Public Affairs Executive & Crisis Manager
Describe your legal background and describe your current role today.
I graduated from Washington University School of Law in 2013 after attending the University of Pennsylvania for my undergraduate studies. In the years between undergrad and law school, I worked for Secretary Hillary Clinton in both the Senate and U.S. Department of State. I attended law school to advance my understanding of the law, government, and regulatory affairs and help navigate crisis situations with a legal background.
What inspired you to pursue your current career?
I spent my summers in law school as an associate in Lanny Davis’ Washington, D.C. firm. Davis is both an attorney and a well-known crisis manager. His work inspired me to pursue a career in public affairs and crisis management.
The three words to describe my career are ...
Experienced problem solver.
How has your legal education/background shaped the way you perform in your current career?
There is an obvious relationship between the law, public affairs, crisis communication, and government relations. My law degree advances the communication work that I do. I am able to better understand the workings of government, such as regulatory affairs and legislative actions. I also am able to work collegially alongside attorneys in crisis situations. My legally trained mind is often thinking of the law in addition to the battle being fought in the court of public opinion (the media). For this reason, I am very meticulous in deciding what my clients can or cannot say and in avoiding any future crises, which generally pleases the attorneys I work alongside. Traditionally, there can be a back-and-forth between communication experts and lawyers regarding what a client can or cannot say. Since I understand the attorneys’ perspectives as well, I am better able to create playbooks that appease all parties involved.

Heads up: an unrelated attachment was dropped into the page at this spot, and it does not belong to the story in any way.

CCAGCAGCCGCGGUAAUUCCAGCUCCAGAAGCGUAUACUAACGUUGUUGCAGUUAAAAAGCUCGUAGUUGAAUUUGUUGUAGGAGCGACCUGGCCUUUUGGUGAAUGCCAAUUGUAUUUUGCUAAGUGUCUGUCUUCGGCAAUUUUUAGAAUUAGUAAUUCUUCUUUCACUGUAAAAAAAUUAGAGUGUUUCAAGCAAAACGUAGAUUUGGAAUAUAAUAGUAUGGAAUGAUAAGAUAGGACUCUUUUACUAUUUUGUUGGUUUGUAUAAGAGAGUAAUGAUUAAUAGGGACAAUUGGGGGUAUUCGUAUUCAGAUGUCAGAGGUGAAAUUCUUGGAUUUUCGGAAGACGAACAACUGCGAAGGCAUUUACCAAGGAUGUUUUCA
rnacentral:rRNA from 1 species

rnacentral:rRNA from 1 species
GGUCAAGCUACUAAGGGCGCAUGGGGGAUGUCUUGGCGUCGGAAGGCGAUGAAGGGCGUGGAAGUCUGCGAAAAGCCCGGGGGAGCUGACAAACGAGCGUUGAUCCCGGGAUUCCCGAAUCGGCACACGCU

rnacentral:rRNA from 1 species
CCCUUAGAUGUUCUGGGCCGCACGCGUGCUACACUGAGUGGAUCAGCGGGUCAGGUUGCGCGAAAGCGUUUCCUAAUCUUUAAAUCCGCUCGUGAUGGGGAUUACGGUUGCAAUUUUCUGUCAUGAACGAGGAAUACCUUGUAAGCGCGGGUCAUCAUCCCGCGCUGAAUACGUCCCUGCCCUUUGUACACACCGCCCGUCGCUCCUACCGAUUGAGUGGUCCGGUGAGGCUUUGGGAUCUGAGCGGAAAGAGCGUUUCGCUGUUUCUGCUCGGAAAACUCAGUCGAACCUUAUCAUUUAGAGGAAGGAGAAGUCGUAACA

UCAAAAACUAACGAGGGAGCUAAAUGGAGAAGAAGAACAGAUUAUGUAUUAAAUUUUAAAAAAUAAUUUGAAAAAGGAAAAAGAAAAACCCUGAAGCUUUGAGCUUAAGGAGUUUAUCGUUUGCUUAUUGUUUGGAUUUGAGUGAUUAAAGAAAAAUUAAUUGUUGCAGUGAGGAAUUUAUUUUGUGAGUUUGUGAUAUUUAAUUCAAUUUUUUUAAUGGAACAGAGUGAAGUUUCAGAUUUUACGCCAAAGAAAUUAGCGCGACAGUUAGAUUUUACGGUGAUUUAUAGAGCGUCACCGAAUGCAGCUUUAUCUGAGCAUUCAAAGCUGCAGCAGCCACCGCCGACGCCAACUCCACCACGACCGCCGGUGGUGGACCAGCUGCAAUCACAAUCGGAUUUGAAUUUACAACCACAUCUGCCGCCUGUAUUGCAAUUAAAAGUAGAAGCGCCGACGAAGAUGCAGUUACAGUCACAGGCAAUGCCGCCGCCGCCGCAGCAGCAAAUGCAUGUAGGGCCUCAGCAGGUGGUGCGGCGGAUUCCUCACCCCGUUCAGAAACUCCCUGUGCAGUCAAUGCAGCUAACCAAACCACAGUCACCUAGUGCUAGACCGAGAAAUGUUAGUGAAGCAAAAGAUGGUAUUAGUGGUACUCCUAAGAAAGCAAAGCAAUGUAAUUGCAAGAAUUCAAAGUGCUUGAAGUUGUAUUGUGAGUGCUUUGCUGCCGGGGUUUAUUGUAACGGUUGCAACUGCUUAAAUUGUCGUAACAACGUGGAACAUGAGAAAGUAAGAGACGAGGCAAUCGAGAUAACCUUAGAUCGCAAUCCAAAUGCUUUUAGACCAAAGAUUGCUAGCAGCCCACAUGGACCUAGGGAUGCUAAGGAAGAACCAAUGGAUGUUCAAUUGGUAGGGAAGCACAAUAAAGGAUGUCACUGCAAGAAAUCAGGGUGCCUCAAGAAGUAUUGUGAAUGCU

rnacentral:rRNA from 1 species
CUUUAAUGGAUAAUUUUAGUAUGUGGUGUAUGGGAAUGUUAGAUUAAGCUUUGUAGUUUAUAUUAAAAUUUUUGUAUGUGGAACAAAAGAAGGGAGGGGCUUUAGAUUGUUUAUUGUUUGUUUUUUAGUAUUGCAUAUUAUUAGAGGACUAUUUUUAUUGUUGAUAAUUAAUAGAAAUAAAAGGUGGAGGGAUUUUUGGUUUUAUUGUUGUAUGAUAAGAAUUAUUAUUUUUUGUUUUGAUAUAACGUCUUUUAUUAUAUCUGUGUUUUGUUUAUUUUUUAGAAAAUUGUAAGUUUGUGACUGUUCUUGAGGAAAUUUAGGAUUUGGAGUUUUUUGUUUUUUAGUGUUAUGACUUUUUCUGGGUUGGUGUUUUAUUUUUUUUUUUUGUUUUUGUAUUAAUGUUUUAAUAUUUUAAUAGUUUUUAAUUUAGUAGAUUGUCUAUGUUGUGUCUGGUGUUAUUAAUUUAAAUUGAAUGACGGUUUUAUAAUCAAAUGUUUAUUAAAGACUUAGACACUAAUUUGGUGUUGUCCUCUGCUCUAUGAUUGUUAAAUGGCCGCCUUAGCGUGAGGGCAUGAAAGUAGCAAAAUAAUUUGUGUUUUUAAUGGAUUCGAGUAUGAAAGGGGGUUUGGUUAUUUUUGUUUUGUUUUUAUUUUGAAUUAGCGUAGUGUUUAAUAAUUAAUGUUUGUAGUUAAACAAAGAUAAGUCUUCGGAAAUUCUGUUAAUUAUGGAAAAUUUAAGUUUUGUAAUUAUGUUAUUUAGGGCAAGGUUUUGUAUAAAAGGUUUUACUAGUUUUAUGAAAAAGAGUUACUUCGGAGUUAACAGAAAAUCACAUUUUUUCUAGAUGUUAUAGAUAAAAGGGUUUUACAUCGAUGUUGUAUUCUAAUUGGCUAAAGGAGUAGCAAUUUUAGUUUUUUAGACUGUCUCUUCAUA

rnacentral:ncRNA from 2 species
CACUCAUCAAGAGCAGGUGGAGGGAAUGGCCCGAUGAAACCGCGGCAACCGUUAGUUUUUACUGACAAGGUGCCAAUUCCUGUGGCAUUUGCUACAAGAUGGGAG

What’s one thing you wish you knew before you began your current venture or role?
I wish I knew that careers are not always linear. Since I started working for Secretary Clinton at a young age, I had believed that one day I would be fortunate enough to work in her administration. Of course, this never happened. What I learned: Even the most meticulous planners can only plan so much because chance is a big part of career paths as well!
If my career were made into a book, movie or song, then the title would be...
Another version of The Rembrandts’ song, entitled: “I’ll Be There for You.”
What lessons learned or unexpected challenges did you face in your current role?
A good crisis manager should plan 100 steps ahead, think about all possible scenarios, and determine how best to handle them. This is a lesson I learned early and one that is most important for a career in crisis management and public affairs.
Name a memorable piece of advice that you have heard or received.
Pat Croce, a notable entrepreneur, once said, “If you don’t ask, the answer is always no.” This is my personal mantra.
David Helfenbein is a strategic communication expert with a law degree who is focused on crisis communication, public affairs, and government relations. He most recently served as Senior Vice President at Main & Rose, Strategic Branding. Under President Obama, David was appointed social media coordinator for Secretary of State Hillary Clinton and special assistant to the Secretary in the Office of White House Liaison, both at the U.S. Department of State, where he helped to rebrand the State Department’s web and social presence. David speaks frequently about how the media and technology are shaping the future and the relationship between public figures and the media.